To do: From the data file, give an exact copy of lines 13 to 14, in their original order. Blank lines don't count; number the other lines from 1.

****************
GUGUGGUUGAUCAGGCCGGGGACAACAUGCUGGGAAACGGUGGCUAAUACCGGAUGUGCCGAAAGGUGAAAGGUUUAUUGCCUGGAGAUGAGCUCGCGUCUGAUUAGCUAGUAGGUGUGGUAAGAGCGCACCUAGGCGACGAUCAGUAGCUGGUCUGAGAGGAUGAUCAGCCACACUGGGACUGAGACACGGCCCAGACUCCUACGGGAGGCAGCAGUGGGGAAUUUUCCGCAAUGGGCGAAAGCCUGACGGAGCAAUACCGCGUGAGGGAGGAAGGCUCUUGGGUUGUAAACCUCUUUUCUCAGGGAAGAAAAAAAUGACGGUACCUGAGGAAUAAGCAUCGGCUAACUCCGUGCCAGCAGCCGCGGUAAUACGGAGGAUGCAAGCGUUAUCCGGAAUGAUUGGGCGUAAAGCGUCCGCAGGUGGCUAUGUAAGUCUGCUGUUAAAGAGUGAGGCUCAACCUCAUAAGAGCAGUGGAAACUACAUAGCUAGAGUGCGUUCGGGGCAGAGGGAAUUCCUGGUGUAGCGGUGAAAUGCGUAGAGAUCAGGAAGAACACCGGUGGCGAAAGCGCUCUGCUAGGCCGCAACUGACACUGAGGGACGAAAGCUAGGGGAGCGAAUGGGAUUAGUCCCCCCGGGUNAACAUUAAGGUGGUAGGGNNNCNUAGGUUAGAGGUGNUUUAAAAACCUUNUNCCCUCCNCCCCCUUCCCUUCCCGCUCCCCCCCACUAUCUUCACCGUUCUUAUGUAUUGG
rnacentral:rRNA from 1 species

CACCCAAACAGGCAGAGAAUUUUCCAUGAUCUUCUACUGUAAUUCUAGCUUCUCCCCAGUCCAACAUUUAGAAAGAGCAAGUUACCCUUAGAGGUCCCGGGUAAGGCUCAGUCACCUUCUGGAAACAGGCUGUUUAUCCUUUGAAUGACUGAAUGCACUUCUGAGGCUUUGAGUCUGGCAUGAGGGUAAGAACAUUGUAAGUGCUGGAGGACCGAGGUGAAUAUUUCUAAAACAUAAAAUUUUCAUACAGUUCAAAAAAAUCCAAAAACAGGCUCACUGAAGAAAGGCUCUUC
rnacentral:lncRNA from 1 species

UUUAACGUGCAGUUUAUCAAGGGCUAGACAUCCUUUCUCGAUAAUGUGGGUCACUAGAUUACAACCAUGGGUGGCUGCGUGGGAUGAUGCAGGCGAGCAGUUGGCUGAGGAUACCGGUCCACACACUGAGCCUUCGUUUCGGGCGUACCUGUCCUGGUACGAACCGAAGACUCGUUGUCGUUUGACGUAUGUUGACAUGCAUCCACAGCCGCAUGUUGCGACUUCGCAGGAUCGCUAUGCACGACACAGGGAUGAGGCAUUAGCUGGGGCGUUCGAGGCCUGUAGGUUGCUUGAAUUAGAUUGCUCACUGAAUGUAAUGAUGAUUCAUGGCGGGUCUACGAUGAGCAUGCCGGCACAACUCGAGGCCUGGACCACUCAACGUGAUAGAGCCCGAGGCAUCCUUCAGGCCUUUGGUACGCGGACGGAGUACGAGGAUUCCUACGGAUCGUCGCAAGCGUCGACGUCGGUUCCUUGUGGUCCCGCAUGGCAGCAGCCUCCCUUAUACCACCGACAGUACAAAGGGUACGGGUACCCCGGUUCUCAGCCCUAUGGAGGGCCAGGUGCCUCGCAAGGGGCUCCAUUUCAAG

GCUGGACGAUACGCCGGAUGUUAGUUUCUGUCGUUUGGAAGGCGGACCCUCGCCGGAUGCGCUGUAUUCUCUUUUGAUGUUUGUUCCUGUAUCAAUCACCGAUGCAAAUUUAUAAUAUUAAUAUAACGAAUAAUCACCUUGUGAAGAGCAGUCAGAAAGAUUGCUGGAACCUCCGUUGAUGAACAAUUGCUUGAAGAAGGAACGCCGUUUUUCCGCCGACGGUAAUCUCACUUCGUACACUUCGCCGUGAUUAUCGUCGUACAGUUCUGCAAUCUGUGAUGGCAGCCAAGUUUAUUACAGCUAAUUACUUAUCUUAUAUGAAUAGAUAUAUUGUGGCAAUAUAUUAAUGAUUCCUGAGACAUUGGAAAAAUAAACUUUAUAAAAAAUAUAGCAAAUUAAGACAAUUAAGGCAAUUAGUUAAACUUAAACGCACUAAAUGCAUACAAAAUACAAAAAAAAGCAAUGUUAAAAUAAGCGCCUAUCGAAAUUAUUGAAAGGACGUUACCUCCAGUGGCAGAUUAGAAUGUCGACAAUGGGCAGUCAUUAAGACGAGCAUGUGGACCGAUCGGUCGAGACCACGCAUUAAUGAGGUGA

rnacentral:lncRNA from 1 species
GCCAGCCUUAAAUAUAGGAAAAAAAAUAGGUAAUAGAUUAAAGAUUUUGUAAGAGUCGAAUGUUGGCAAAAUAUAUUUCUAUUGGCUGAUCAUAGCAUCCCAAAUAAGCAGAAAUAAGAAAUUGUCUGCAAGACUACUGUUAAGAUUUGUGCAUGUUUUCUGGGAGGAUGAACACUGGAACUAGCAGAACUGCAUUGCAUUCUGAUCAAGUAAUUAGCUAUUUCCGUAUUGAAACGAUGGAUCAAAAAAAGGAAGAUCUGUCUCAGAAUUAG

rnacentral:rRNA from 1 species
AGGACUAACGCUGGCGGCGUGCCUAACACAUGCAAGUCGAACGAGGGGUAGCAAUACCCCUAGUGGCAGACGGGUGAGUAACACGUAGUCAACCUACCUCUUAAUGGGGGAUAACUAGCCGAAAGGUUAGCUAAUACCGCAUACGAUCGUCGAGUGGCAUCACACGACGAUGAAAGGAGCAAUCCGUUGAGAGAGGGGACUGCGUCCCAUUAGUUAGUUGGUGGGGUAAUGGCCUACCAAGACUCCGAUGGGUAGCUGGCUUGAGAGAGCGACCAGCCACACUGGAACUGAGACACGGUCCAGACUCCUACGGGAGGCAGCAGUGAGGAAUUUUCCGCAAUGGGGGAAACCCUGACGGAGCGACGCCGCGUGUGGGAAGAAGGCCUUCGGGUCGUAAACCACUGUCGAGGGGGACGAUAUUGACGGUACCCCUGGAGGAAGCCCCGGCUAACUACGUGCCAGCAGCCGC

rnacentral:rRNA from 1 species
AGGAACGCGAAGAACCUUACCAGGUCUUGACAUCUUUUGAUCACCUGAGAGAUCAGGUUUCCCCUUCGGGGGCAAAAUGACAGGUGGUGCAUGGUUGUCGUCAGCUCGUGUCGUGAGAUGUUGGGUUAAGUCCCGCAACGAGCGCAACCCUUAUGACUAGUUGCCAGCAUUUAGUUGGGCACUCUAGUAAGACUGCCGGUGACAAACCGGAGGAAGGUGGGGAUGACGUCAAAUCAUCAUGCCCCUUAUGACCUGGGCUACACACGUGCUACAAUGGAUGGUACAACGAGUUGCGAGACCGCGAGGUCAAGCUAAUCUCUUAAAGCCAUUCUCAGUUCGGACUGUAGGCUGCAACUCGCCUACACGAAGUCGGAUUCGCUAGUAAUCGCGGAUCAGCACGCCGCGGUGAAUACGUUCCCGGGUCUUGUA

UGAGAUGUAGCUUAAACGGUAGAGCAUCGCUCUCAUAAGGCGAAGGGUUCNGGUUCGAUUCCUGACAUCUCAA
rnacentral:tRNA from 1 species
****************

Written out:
UGAGAUGUAGCUUAAACGGUAGAGCAUCGCUCUCAUAAGGCGAAGGGUUCNGGUUCGAUUCCUGACAUCUCAA
rnacentral:tRNA from 1 species